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Instant noodles excluded from proposed tax on salty foods —Diokno

Instant noodles will not be slapped with higher taxes despite their high sodium content, according to Finance Secretary Benjamin Diokno.

“If you're thinking of the noodles, ‘yun talaga salty ‘yun. That’s 60% sodium [content]. Hindi naman iko-cover ‘yun. ‘Yun ang talagang [para] sa mga mahihirap,” Diokno told reporters during his weekly press briefing.

A pack of instant noodles—a staple in many poor households—typically contains about 1,500 milligrams (mg) to over 2,000 mg of sodium, while it is recommended that a person can only consume less than 2,300 mg in a day.

Last week, Budget Secretary Amenah Pangandaman revealed that the Marcos administration is pushing for the passage of new tax measures within this year, particularly higher taxes on sweetened beverages and junk food in a bid to tackle diabetes, obesity, and non-communicable diseases related to poor diet. 

In particular, the Department of Finance (DOF) is planning to impose a P10 per 100 grams or P10 per 100 milliliters tax on pre-packaged foods lacking nutritional value, such as confectioneries, snacks, desserts, and frozen confectioneries that exceed the Department of Health’s (DOH) specified thresholds for fat, salt, and sugar content.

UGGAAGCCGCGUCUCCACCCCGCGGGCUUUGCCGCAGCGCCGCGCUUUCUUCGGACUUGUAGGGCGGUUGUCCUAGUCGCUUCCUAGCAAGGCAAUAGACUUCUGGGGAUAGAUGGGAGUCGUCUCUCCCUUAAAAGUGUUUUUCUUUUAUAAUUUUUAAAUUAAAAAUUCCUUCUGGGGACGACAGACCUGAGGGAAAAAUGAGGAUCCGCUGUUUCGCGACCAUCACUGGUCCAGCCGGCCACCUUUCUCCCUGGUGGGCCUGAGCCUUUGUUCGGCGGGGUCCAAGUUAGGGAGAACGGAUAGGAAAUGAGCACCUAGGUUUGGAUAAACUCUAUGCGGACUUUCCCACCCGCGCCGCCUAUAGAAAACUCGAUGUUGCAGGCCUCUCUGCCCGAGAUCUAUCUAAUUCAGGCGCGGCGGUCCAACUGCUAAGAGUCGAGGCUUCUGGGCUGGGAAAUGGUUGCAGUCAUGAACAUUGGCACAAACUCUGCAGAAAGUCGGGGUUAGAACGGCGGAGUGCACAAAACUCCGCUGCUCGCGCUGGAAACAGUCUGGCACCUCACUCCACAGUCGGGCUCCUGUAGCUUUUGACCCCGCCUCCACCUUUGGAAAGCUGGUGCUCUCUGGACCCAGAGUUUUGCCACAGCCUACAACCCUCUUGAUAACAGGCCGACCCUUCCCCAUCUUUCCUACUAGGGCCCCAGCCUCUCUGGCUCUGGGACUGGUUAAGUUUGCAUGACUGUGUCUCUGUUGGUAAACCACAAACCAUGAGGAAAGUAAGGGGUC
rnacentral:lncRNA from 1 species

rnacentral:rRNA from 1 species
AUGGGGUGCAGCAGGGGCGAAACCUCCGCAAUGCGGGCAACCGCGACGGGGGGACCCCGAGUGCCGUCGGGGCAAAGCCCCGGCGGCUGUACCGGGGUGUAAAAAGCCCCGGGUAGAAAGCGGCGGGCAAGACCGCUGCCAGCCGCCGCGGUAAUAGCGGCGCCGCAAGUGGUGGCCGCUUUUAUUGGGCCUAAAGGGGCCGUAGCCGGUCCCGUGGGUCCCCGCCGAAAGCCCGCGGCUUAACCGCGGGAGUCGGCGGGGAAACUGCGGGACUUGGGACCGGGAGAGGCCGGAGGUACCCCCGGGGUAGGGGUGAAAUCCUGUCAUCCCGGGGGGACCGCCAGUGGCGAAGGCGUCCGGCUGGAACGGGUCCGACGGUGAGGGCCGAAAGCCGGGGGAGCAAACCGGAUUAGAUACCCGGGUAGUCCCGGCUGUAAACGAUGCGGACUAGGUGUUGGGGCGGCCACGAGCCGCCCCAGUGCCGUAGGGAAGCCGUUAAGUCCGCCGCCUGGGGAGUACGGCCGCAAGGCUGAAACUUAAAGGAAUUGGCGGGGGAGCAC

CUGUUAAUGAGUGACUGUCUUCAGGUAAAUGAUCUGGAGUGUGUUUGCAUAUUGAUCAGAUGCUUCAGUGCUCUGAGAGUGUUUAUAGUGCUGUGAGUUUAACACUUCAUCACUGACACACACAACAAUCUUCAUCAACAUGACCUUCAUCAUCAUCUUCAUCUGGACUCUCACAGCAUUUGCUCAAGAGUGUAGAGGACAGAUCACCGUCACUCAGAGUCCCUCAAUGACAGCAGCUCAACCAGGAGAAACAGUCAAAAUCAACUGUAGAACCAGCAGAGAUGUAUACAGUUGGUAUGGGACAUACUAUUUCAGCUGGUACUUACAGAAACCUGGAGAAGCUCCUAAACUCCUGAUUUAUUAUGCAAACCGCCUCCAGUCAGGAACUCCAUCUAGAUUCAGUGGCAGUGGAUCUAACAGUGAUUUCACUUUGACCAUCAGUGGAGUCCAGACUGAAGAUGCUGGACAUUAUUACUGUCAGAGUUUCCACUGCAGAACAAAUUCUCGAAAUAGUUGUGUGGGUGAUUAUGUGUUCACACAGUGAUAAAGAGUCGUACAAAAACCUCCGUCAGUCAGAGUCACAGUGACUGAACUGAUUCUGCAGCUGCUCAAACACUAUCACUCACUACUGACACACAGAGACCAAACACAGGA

Diokno said the DOF is consulting with the National Nutrition Council and the DOH to come up with a list of such foods.

But so far, the Finance chief said, the list may include “snacks, chips, ‘yun talaga siguro.”

In September last year, the Department of Health announced it was proposing additional taxes on junk food and sweetened beverages as it sought to address obesity in the country and boost revenues for the universal healthcare program.

Diokno said the proposal is both a health and revenue measure.

“It’s both… laking impact din ‘yun in the long run,” he said.

Earlier, the Finance chief said that the implementation of the junk food and sweetened beverage tax package will generate an additional P76 billion in revenues during the first year.

The tax package is also estimated to result in a 21% reduction in the consumption of junk food, he said.

“The incremental revenues from this tax package will fund important socio-economic programs initiated by the Marcos administration, such as the Department of Social Welfare and Development's (DSWD) food stamp program. This program will provide support to one million food-poor households, to alleviate food insecurity and malnutrition,” Diokno said in a statement last week. — BM, GMA Integrated News